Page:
Features, Science

New research initiative lets patients give Big Data their digits

Harvard program Open Humans, a research database that allows users to share their health data with various studies, launched March 24. PHOTO ILLUSTRATION BY L.E. CHARLES/DAILY FREE PRESS STAFF
Harvard program Open Humans, a research database that allows users to share their health data with various studies, launched March 24. PHOTO ILLUSTRATION BY L.E. CHARLES/DAILY FREE PRESS STAFF

Sharing information is commonly associated with posting to social media sites such as Facebook, Twitter and Instagram. Now, thanks to researchers from the Harvard Personal Genome Project, people can also share their personal health information online through Open Humans, a platform for open source medical data.

Open Humans, formally launched March 24, is an online platform where people can publicly share their biological data to be used in medical research studies. The project was founded by Jason Bobe, director of community for the Personal Genome Project and Madeleine Price Ball, director of research for the Personal Genome Project. Part of the intent behind the Open Humans project is to encourage more people to participate in research studies, Bobe said, for the benefit of society as a whole.

“We have really exciting and interesting questions that we hope people will find engaging,” Bobe said. “We hope this project will help people understand that even healthy people have a role to play in advancing medical research.”

Currently, members of the Open Humans community have the choice of participating in three different research studies: the Personal Genome Project at Harvard, which investigates genetic variations and their effects on health, American Gut at the University of California, San Diego, which focuses on bacterial microbiomes in the human digestive tract and GoViral at New York University, which tracks the spread of viruses across U.S. cities.

What makes the project unique is its policy of equitable data sharing, Bobe said. While many research studies do not follow up with participants and maintain a shield of anonymity and secrecy, Open Humans aims to facilitate the open exchange of information between people willing to share their health data and researchers who can use that data for studies. Members are provided copies of their results, which they can then donate so that other researchers may use them in the future.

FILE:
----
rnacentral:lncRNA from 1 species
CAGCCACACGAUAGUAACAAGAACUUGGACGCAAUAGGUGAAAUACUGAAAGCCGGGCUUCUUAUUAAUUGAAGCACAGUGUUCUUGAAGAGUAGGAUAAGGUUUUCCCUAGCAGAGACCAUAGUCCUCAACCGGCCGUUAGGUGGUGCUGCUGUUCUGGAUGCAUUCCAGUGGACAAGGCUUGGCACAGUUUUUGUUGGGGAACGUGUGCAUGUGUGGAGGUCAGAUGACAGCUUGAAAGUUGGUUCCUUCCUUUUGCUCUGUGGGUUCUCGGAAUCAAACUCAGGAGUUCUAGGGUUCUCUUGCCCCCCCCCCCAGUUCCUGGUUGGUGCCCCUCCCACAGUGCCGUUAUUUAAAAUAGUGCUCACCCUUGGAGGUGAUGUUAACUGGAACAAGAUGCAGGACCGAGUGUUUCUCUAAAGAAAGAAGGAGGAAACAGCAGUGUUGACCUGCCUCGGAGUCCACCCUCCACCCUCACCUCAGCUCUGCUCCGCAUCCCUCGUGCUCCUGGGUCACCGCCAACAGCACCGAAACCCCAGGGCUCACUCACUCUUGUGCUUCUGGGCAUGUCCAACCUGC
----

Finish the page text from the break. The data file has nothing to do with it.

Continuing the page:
“You have a federally protected right to access your own medical records, but no such right exists in the research community,” Bobe said. “We really feel that when people have the ability to access and share their health data, beyond the limit of a single research study, they can really get involved and help advance medical research.”

The Open Humans project is funded by the Robert Wood Johnson Foundation and the Knight Foundation. John Bracken, vice president of media innovation for the Knight Foundation, commended the Open Humans network for its use of the Internet to connect researchers and their subjects.

“Think about the opportunities that this project presents for Americans to come together and learn and be informed,” Bracken said. “When more people participate, when they have access to and pool their data, it accelerates research and generates more knowledge about health.”

Despite its potential benefits, though, the extremely public nature of the data being shared raises serious questions about members’ privacy. In order to address this problem, the founders devised an informed consent process for the site, which includes a quiz, to ensure that people understand the risks involved before signing up.

“Your DNA is basically a 6 billion digit social security number,” Bobe said. “That’s really important for people to understand, particularly when we’re making publishing decisions. We’ve really advocated for informed consent documents where sharing is an explicit goal of providing this data.”

The website offers several different privacy options. Members can choose to share their information only with the studies they sign up for, or to make their data a public resource that anyone can access. Bobe said he also acknowledges that different people have varying levels of comfort when it comes to sharing medical data, but that those most open stand to make the greatest impact.

“I think it will have an impact, because that’s how the Human Genome Project was. Because they made everything publicly available, that’s how the field moved forward,” said Rekha Raghunathan, a second-year grad student in molecular and translational medicine in BU’s School of Medicine. “So, similarly, if you can access the specific data people share on this site, you can use that information for your research and move it forward.”

In Bobe’s eyes, though, the Open Humans network is about more than just sharing medical information — it is also about changing public attitudes toward research. Bobe said he hopes to transform medical research from an austere topic to a cultural activity that can engage the public.

“We want to make participating in research a cultural activity that people just do, the same way they go to sports games, or go to concerts, or go to the library,” Bobe said. “I hope that this platform will help raise awareness about the social and personal value of participating in medical research and get more people involved.”

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